Approximately 18 hours after the final exposure, animals were sacrificed and submitted to necropsy. Animals were fasted overnight prior to sacrifice. Each animal was examined externally and internally for gross pathologic alterations. Immediately after decapitation, the eyes of each animal were examined by a glass slide technique with fluorescent illumination. Weights of brain, heart, liver, kidneys and testes were determined and recorded. Lungs and trachea were removed as a unit and the lungs were expanded to approximately their normal inspiratory volume with buffered 10 % formalin.
Animals which died spontaneously or which were sacrificed in a moribund condition during the course of the study were given a complete gross pathological examination. In general, representative portions of the organs and tissues listed below from each animal were preserved in buffered 10 % formalin.


HISTOPATHOLOGY: Yes
Slides (hematoxylin and eosin stained) were prepared and histopathologic examinations performed on tissues listed below for 10 animals of each
sex in the control and 75 ppm exposure groups. Similar histopathologic examinations were conducted on all animals that died spontaneously during the course of the study. Target organs identified in the 75 ppm exposure group were also examined for 10 animals in the 5 ppm and 25 ppm exposure groups.

Organs/Tissues:
adipose tissue, adrenals, aorta, brain, cecum, esophagus, eyes, gall bladder, gonads, gross lesions, heart, small intestine, large intestine, kidneys, lacrimal gland, larynx, liver, lungs, lymph nodes (mesenteric & thoracic), mammary gland, nasal turbinates, pancreas, peripheral nerve, pituitary, prostate, salivary gland, seminal vesicles & coagulating glands, skeletal muscle, skin, spinal cord, spleen, stomach, trachea, thymus, thyroid/parathyroid, urinary bladder, uterus, vertebrae with bone marrow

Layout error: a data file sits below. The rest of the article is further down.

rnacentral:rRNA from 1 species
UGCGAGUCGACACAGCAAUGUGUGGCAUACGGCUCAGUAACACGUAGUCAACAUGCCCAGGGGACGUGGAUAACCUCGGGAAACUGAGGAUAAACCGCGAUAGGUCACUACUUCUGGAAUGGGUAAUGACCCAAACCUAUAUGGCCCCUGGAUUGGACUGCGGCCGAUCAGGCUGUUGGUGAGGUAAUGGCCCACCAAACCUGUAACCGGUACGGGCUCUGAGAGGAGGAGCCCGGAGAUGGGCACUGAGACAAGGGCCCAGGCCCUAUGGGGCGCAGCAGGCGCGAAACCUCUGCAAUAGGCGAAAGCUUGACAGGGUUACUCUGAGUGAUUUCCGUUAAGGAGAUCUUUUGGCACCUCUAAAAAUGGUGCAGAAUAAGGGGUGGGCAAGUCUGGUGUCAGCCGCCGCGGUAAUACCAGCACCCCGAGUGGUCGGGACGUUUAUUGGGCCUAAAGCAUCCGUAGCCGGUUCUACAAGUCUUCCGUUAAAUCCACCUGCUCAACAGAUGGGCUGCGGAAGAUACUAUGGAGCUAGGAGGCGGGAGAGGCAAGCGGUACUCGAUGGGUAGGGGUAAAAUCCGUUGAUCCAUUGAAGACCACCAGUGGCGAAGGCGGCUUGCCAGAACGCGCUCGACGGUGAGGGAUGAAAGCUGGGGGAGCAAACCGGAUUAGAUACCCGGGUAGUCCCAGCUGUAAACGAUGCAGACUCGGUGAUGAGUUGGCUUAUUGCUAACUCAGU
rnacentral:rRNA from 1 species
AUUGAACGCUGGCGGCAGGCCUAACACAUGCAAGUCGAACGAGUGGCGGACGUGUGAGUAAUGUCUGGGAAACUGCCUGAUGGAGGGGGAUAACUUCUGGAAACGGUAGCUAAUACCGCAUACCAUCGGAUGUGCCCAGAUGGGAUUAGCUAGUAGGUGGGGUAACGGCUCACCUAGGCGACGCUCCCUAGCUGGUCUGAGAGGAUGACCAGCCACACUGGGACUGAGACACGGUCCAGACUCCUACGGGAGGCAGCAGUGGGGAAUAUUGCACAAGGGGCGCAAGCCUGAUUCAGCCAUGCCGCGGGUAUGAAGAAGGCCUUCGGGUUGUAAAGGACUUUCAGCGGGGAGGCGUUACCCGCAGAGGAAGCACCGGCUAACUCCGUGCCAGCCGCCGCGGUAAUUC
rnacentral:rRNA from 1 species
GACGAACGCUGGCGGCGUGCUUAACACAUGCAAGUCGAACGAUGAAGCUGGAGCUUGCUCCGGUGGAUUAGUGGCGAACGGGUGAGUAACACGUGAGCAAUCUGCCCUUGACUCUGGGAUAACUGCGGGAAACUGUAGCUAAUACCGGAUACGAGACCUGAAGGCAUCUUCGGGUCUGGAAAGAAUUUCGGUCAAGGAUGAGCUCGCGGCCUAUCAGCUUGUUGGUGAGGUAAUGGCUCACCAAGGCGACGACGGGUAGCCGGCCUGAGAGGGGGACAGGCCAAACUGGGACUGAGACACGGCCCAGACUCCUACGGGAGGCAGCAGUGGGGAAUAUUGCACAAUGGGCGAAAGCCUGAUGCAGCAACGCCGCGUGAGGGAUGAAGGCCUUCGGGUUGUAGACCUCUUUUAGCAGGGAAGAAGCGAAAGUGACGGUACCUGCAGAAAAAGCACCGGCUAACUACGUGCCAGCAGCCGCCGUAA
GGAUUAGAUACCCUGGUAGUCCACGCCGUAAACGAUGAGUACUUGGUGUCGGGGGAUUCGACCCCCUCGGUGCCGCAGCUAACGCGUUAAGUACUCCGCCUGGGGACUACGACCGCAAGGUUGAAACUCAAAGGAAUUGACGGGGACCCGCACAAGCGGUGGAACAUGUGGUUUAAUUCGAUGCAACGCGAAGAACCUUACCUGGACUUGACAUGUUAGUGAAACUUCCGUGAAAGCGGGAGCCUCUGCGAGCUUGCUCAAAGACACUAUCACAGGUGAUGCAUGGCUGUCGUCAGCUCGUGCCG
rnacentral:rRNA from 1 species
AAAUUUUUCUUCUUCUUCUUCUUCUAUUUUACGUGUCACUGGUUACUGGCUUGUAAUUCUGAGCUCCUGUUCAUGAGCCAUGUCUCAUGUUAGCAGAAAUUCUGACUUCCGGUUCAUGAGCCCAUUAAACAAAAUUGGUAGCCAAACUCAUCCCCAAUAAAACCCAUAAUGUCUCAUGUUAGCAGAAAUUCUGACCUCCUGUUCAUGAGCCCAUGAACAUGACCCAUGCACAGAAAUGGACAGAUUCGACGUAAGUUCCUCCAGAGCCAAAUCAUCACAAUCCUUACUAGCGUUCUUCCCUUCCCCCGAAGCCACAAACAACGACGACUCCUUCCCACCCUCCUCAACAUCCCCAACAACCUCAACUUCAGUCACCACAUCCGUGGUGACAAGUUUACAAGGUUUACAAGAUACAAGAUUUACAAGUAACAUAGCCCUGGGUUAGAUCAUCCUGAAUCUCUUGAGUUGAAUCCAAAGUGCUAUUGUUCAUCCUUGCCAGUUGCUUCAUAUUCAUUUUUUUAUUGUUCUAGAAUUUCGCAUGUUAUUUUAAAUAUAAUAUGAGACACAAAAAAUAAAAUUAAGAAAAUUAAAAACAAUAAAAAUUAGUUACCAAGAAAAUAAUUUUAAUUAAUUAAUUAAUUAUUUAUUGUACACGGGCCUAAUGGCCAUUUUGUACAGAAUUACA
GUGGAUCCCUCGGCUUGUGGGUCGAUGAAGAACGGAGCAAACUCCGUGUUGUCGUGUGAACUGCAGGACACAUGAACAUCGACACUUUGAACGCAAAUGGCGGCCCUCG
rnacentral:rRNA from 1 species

Statistics:
Variances of group body weight changes were analyzed for Bartlett's test for homogeneity of variances (Snedecor and Cochran, 1967). Body weight changes, organ weights, organ-to-body weight ratios, haematology values, clinical chemistry values and urinary specific gravity were evaluated by analysis of variance; differences between control and treatment groups were delineated by Dunnett's test (Steel and Torrie, 1960). The level of significance chosen in all cases was p<0.05.

Results and discussion

Results of examinations

Clinical signs:
no effects observed
Description (incidence and severity):
Animal observations revealed no discernible effects on appearance or demeanor of mice which were related to exposure.
Mortality:
no mortality observed
Description (incidence):
A female mouse in the 75 ppm group and a male mouse in the 25 ppm group died as a result of traumatic injury. An additional female mouse in the 75 ppm group was sent to pathology in a moribund condition after 5-6 weeks of exposure.
Body weight and weight changes:
no effects observed
Description (incidence and severity):